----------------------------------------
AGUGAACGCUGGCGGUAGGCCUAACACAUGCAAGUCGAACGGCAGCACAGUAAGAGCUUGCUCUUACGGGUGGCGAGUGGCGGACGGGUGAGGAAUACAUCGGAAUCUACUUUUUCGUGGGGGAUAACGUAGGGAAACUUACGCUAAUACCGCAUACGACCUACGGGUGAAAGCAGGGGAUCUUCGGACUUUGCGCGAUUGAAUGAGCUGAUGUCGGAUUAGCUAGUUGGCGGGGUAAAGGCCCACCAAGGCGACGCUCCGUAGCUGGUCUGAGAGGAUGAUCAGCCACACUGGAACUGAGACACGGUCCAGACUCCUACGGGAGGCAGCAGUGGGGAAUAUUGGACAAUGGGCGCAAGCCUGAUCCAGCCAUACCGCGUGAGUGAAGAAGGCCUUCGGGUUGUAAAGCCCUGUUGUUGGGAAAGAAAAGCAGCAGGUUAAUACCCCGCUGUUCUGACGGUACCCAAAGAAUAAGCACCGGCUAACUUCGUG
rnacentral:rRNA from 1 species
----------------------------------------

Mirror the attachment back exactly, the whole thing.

AGUGAACGCUGGCGGUAGGCCUAACACAUGCAAGUCGAACGGCAGCACAGUAAGAGCUUGCUCUUACGGGUGGCGAGUGGCGGACGGGUGAGGAAUACAUCGGAAUCUACUUUUUCGUGGGGGAUAACGUAGGGAAACUUACGCUAAUACCGCAUACGACCUACGGGUGAAAGCAGGGGAUCUUCGGACUUUGCGCGAUUGAAUGAGCUGAUGUCGGAUUAGCUAGUUGGCGGGGUAAAGGCCCACCAAGGCGACGCUCCGUAGCUGGUCUGAGAGGAUGAUCAGCCACACUGGAACUGAGACACGGUCCAGACUCCUACGGGAGGCAGCAGUGGGGAAUAUUGGACAAUGGGCGCAAGCCUGAUCCAGCCAUACCGCGUGAGUGAAGAAGGCCUUCGGGUUGUAAAGCCCUGUUGUUGGGAAAGAAAAGCAGCAGGUUAAUACCCCGCUGUUCUGACGGUACCCAAAGAAUAAGCACCGGCUAACUUCGUG
rnacentral:rRNA from 1 species